Our city is shared space. Our urban blender mixes universities, hospitals, neighborhoods, schools, and businesses in cocktails laced with challenges and opportunities. And at the center is the role that academia is playing in defining Boston.
Our "City of Eds" is properly named, with more than 30 higher education institutions in Boston proper. The Boston Redevelopment Authority counts more than 152,000 enrolled students, up from 130,000 in 1990, with more than 68,000 jobs generated by colleges and universities, and with students and their visitors apparently spending $1.7 billion annually within the city footprint. The academic community is a Boston lure, synonym, and powerhouse. Yet we make it a tough city for them.
More than 600 acres of our city is occupied by educational institutions—but that's only 2.8 percent of city land. Concentrated throughout neighborhoods, historic districts, downtown, and the waterfront, campuses are power properties. Their facilities, development, and economic impact make them networks, not just places. Competition for real estate acquisition and development opportunity—from the University of Massachusetts, Boston, to Wentworth, Northeastern, and Emerson, plus possibilities for future development at campuses like Simmons, Wheelock, and Harvard in Allston—make urban campuses complex and controversial.
Our campuses have evolved. Once-gated enclaves are porous. Commuter colleges and trade schools are now colleges and universities; real estate has been acquired, flipped, and retraded. At their best, these dynamic institutions have given back urban revitalization, public programs, cafes, retail, 24/7 action, youth presence, athletics, and green space. If we want continued growth and strength in Boston, robust urban solutions, an accessible and greened city, and the activation of historic buildings, the city's colleges and campuses are our allies. We need to make their voices, visions, and contributions even more effective.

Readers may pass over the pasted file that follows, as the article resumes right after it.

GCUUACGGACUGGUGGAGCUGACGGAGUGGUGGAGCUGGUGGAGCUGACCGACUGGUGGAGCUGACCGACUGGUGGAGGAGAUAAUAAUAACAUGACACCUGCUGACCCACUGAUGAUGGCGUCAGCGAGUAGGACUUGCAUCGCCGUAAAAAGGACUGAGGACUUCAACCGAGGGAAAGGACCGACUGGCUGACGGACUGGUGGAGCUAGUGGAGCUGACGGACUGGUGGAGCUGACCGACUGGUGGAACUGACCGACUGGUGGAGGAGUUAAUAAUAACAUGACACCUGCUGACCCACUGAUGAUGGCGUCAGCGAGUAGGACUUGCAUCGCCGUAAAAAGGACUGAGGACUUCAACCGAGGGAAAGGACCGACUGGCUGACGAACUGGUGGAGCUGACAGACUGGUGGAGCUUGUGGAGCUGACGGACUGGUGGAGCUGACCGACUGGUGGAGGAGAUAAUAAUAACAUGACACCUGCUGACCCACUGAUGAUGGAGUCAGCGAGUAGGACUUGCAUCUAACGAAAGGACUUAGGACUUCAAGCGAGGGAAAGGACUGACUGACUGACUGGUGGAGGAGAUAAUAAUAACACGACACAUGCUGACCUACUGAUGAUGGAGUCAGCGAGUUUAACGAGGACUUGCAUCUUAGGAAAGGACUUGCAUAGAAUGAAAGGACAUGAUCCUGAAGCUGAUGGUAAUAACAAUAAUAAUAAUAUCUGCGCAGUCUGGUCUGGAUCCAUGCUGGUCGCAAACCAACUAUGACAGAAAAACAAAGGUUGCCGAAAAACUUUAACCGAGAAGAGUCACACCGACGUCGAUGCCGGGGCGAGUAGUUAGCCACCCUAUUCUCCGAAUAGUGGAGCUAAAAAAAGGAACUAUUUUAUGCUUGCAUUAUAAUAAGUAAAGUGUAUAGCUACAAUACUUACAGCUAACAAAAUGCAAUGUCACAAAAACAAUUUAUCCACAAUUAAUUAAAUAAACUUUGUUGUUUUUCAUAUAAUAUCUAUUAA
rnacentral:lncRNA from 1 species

Does Boston's academia have its own distinguishing trait? Seepage is one. The overlap of campus in neighborhood and urban settings is alternatively seen as an invasion or a salvation. We can experience the merge—city as campus/campus as city—in two provocative institutions: Emerson College and Northeastern University.